“Since 1963 when Indonesian military occupied West Papua and until now Papuan people in Biak have been tortured by Indonesian military and police, raped and killed and some arrested and put in jail for a long time,” Wensi said.
He said many of the population had been severely traumatised and lived in constant fear.
“When I want to interview some victims, they cannot give more (details) of their story because of the trauma,” he said.
“So, part of premiere, I’m also telling (people) about this trauma.”
The physical and physiological trauma was inter-generational.
“In Biak we have had big massacres, in 1998 on the 6th of July, Indonesian military and police arrested many people and also killed some of them because they raised the West Papuan flag,” Wensi said.
He said the event known as the Biak Massacre was just one of a number of massacres on the island and came about because of a reform movement that subverted former Indonesian President General Suharto.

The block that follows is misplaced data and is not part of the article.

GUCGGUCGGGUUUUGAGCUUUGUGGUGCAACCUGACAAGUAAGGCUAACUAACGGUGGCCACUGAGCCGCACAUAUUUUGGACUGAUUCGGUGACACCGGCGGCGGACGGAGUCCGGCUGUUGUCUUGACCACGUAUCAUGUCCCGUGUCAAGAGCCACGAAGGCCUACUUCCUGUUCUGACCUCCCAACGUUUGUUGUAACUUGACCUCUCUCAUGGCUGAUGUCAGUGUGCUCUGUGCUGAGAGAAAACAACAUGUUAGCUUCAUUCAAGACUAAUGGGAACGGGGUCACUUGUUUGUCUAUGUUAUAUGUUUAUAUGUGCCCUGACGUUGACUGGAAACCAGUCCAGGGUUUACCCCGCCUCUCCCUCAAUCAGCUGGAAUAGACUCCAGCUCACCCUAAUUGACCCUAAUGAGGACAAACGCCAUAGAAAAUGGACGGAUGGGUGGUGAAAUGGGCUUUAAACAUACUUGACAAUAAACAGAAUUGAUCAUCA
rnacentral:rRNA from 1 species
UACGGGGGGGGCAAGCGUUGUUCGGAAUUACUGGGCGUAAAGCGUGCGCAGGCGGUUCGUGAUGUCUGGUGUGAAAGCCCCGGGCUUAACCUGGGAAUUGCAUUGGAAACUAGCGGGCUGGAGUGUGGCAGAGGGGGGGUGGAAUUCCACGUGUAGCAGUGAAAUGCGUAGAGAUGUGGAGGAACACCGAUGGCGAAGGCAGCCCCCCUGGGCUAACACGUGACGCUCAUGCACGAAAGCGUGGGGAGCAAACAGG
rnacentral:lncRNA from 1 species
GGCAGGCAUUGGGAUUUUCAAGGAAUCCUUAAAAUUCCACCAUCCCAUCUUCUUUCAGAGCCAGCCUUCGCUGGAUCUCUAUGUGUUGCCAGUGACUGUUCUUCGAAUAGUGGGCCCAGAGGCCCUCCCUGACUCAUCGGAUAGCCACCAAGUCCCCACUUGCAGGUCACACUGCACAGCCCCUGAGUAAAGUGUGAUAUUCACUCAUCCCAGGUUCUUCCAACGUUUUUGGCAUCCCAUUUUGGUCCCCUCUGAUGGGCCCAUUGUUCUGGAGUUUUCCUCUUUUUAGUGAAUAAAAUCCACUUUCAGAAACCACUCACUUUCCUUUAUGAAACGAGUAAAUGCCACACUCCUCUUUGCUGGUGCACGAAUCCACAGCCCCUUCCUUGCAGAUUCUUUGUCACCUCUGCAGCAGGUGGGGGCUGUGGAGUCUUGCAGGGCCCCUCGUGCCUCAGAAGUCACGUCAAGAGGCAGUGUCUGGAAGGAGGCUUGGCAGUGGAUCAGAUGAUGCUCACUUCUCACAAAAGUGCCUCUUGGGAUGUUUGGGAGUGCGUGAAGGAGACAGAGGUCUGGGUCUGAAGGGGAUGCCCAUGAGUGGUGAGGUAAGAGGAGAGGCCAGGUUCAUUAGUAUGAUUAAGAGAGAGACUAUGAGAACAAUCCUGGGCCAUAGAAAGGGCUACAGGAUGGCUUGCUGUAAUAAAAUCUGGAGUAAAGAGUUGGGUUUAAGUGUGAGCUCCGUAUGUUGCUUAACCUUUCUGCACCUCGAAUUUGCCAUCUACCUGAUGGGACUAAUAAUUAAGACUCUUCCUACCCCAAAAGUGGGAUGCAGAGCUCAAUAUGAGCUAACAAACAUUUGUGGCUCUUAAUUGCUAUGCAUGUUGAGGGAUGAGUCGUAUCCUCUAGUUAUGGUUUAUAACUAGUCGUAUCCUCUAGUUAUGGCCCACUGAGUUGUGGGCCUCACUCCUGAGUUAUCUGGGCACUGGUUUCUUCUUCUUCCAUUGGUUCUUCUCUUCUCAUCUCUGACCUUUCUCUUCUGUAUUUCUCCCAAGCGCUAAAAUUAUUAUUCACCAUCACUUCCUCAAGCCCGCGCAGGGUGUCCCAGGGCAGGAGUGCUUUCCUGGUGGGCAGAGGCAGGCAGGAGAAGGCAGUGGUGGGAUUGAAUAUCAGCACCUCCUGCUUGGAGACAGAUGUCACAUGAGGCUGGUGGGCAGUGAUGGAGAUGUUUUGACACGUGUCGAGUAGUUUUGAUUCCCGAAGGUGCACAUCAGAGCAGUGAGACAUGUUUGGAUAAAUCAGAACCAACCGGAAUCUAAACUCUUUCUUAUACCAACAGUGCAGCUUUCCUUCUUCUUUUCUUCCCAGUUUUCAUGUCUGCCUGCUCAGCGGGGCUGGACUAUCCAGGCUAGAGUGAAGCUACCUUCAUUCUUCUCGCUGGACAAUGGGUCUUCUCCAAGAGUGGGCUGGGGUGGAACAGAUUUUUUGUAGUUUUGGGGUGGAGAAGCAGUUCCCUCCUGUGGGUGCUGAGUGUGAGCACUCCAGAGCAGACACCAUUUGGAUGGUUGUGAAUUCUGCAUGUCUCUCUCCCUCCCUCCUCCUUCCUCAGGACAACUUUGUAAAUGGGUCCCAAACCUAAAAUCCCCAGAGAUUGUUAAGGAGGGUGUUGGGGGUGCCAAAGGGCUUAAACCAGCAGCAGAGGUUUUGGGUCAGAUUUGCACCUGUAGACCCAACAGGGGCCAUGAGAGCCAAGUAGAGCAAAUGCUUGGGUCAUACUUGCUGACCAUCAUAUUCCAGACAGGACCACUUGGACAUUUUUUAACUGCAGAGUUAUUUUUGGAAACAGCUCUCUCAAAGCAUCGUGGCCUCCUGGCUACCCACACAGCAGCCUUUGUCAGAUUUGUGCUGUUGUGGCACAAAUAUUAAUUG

Biak people organised themselves and made a peaceful protest by raising the West Papuan flag in the water tower of Biak city but they were arrested, tortured and killed.
Wensi said his videos provided a platform for West Papuans to tell their stories.
“Also in my video I want to give a healing of the traumatic experiences of the people,” he said.
“So before I showed my documentary in Australia first I showed it to the people in West Papua so they can let it heal and they are learning from their experience and gaining strength from each other.”
Wensi said it also helped people understand the process of their struggle and that they were fighting for West Papua.
“I think this is a good process for helping Papuan peoples but difficult now for me and other young filmmakers because Indonesian military and Indonesian police are still looking for us,” he said.
“When we bring (a) camera and take some pictures during a peaceful demonstration in West Papua, police destroyed my old camera and intimidate and torture us.
“Last week one of my friends was tortured by police because he was taking pictures.”
Rather than deterring people from talking and telling their stories, Wensi said the intimidation of the filmmakers was inspiring West Papuans.
“More people want to talk and tell their stories; (even though) it is traumatic when they are telling their story,” he said.